New York Parent Group Releases School Security Plan

New York Parent Group Releases School Security Plan

Saratoga Parents for Safer Schools is comprised of parents advocating for more school resource officers, more mental health services and for reworking the grounds monitor position to what the group calls a school security officer.

Saratoga Parents for Safer Schools has announced the release of their eight-point plan for school security. The group said they feel the plan addresses the district’s safety needs as well as parent concerns on both sides of the school security debate.

According to the Saratogian, Saratoga Parents for Safer Schools is comprised of parents advocating for more school resource officers, more mental health services and for reworking the grounds monitor position to what the group calls a school security officer. The group came together after a vote by the Saratoga Springs Board of Education moved to disarm grounds monitors.

“We wanted to recreate the grounds monitor position to include some of the valid concerns of community members pertaining to ongoing training and development,” group organizer Kara Rosettie said.

Rosettie said that the plan calls for school security officer positions to be filled only by active duty or retired police officers.

“They will be tied into the city emergency management system and complete specialized training through the National Association of School Resource Officers. Additionally, the School Security Officers will be required to complete active shooter training with the local or county police department,” Rosettie said.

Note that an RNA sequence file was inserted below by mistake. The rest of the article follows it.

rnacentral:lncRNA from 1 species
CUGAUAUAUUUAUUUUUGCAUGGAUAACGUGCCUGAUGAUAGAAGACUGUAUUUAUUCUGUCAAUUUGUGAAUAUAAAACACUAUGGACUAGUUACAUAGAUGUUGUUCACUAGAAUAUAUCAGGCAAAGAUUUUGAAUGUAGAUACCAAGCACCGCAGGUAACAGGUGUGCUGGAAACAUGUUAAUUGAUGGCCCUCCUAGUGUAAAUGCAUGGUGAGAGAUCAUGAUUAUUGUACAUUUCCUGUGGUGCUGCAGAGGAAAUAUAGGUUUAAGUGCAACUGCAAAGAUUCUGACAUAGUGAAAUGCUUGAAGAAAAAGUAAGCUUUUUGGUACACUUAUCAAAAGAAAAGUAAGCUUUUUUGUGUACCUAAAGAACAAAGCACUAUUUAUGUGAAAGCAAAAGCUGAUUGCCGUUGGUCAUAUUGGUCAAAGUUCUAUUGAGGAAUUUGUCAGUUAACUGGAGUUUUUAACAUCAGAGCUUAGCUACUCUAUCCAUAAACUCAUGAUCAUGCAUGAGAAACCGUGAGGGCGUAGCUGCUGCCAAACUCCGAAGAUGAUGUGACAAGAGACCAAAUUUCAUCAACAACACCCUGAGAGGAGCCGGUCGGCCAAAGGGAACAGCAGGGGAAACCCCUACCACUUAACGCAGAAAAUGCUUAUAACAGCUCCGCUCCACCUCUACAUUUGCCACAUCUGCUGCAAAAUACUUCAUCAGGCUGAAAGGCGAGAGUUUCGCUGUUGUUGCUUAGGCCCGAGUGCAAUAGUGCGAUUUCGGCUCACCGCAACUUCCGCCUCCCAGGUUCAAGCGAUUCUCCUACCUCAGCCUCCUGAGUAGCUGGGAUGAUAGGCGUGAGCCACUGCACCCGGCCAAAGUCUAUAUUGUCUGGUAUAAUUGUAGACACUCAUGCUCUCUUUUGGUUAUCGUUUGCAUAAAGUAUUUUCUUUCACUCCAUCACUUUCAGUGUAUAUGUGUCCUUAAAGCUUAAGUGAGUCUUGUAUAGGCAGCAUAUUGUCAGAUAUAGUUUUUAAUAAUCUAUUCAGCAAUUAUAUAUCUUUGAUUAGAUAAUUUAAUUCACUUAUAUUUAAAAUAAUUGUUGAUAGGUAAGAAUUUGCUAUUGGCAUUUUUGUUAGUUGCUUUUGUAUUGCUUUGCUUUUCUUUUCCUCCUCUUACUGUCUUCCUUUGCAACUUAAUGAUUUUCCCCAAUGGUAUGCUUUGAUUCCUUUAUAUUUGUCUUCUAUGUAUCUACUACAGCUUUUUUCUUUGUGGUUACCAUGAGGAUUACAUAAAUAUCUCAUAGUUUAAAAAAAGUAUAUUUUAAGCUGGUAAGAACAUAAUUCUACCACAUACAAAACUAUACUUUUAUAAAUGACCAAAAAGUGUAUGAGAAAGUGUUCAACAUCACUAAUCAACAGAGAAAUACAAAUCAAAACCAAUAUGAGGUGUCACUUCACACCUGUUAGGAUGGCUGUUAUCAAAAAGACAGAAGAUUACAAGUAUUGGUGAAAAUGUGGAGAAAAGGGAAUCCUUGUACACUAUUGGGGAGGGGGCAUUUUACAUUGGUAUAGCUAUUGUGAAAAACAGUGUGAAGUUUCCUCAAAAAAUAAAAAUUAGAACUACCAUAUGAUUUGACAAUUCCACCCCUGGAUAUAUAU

Upon appropriate training and approval, school security officers will be allowed to carry firearms on campus. The plan states that “the presence of armed security officers can significantly reduce the time it takes to respond to an emergency.”

The group’s plan acknowledges how important it is to adequately fund preventative measures related to mental health services.

“Our plan calls for mandatory training to be conducted regularly for all school personnel and should include crisis intervention, bully prevention, and knowing the signs of someone who is a danger to themselves and/or others” Rosettie said.

The entire plan can be read on the organization’s website.

About the Author

Jessica Davis is the Associate Content Editor for 1105 Media.

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    September/October 2019

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